There is one place I would rather be this weekend than on Fire Island and that’s at the Metrograph cinema on the L.E.S. If you’ve never been, then really, what’s wrong with you? I don’t mean to cinema-shame you, but it’s kind of a must for every cultured young man (or woman.) This weekend, the theater is hosting a Fire Island cinema series and I want to let them tell you about it in their own words (cos they’re pretty great words.) “Fire Island acts as a calming tonic for those (mostly queer) folks looking for an escape during New York’s balmiest months. Former residents and visitors included Greta Garbo, W.H. Auden, Calvin Klein, Truman Capote, and Tennessee Williams. On screen, this 30-mile-long utopia has served as the setting of a filthy two-act play, the backdrop of a cruel coming-of-age story, an environment for sexual discovery, and a place of contemplation for a man dying of AIDS.” There’s 5 films screening over the weekend, but my picks are Bill Sherwood’s ‘Passing Glances’ starring a young Steve Buscemi and Andy Warhol and Chuck Wein’s ‘My Hustler.’ I mean, who needs the hassle of going to Fire Island when you can be transported there while sitting in a super chic, air conditioned movie theater with popcorn in downtown Manhattan?
In last week’s letter I was promoting Thursday night drinking. This week, I am pleased to be back again doing just that! Yasss thirsty Thursdays. Don’t let your little brother tell you it’s just for him and his frat bros. I might be a 2017 graduate but I’ll be partaking in Thursday cocktails until I’m 40. Truzzzzt… In June, when I was partying four out of seven days of the week and dabbling in one too many uppers, my friend Jonny introduced Jordan Alper to me because, in a moment of nightlife ego, apparently they think I have some kind of platform? Thanks GAYLETTER? I mean, I do get into most parties for free. Teehee! Anyways, Jordan let me know he was throwing a new party in August that was for the queer community and specifically geared for those of us that fuck heavy with techno/electronic music. (Like, sober.) He didn’t say that exactly, but that’s how I chose to interpret it. Most people just let the music tickle through their toes when they’re at Holy Mountain or something but a lot of us queers are traversing through Mixcloud on our Monday morning commute. Myself and Jordan included. “I’ve been disappointed that a lot of house music-centered events in New York don’t really represent the largely queer, intersectional history of the genre,” Jordan told me. “The idea of this party is to celebrate that history, and dance. It’s difficult to create a party that feels queer enough, open enough, safe enough; I think it takes a lot of fine tuning and willingness to take in feedback to create nightlife ventures worthy of the folks seeking them out.” Featuring a late, but sure-to-be-stellar, set by Jenifa Mayanja and opening vibes by NYC newbie Phoneg1rl, this brand new party, I cannot recommend enough.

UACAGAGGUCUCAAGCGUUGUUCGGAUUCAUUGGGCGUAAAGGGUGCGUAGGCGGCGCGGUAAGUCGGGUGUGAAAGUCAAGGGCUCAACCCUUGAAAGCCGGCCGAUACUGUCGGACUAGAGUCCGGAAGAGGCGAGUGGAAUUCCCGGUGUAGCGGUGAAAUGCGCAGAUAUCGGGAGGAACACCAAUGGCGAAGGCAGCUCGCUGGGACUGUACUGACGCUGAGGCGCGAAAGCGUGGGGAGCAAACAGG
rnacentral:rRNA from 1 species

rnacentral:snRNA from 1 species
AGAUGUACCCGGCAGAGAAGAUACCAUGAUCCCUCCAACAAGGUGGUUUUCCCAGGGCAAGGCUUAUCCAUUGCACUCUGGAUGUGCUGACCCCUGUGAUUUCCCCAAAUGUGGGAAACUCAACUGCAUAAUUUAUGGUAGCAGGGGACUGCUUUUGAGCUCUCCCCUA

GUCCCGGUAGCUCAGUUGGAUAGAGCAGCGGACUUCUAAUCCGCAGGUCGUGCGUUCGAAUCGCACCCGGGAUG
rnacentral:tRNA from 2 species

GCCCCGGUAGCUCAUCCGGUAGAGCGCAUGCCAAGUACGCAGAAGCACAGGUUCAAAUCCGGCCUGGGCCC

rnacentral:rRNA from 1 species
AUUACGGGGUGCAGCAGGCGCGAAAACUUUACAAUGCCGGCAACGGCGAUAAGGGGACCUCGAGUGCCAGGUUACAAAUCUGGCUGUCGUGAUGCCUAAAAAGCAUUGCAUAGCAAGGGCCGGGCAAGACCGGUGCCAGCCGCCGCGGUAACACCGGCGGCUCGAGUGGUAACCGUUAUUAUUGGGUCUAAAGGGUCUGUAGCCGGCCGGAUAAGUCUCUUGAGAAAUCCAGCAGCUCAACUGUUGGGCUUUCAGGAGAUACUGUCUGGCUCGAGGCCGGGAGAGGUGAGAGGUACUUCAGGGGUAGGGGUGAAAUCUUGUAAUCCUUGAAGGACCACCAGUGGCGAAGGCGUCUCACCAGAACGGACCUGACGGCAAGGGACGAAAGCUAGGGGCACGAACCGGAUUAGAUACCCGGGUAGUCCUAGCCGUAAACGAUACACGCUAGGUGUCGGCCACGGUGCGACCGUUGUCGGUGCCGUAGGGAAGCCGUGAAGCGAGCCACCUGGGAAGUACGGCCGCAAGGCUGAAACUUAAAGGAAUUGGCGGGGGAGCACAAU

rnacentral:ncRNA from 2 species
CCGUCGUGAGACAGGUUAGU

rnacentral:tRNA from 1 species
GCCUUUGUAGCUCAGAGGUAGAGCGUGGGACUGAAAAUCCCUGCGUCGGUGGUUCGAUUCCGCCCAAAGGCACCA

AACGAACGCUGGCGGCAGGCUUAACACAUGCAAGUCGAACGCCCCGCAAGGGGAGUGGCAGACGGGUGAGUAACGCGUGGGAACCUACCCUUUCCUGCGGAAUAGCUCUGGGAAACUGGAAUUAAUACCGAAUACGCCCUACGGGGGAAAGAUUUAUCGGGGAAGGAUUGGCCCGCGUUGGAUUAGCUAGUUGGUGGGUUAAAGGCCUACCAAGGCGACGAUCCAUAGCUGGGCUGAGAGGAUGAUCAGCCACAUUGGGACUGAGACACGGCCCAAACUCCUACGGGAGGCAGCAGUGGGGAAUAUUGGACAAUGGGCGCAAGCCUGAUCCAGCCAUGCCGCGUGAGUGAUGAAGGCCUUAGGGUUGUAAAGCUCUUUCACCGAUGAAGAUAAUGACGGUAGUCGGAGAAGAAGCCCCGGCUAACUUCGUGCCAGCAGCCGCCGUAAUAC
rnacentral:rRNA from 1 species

I think I said this before, but I gotta say it again, every time Brian Clamp (from ClampArt) emails me about an exhibition I look into it because I trust his taste. His gallery and Ward 5B are presenting an exhibition that opened last week and it’s running until Sept. 23. It’s called Screaming in the Streets: AIDS, Art, Activism. It “focuses on the meaning of radical spaces for sexual minorities and reflects upon a generation of lost artists, while illustrating the interconnectedness and collaborative working relationships among them.”
The AIDS epidemic reached its peak around 1995, by which time there were about 48,000 annual AIDS-related deaths. “The story of the artistic and activist responses to this medical crisis were marked by intergenerational, communal, as well as individual associations…. Linked in this way within the context of the exhibition are Kenny Burgess, Haoui Montaug, Keith Haring, Ethyl Eichelberger, Jimmy De Sana, and many, many others.” The exhibition also celebrates the launch of Ward 5B, which is a service that specializes in the archival and curation of “late 20th-century urban ephemera and art, with a focus on punk aesthetic, radical spaces, performance art, drag, experimental theatre, camp, queercore, and guerrilla/street art projects.” I’d say, don’t miss it.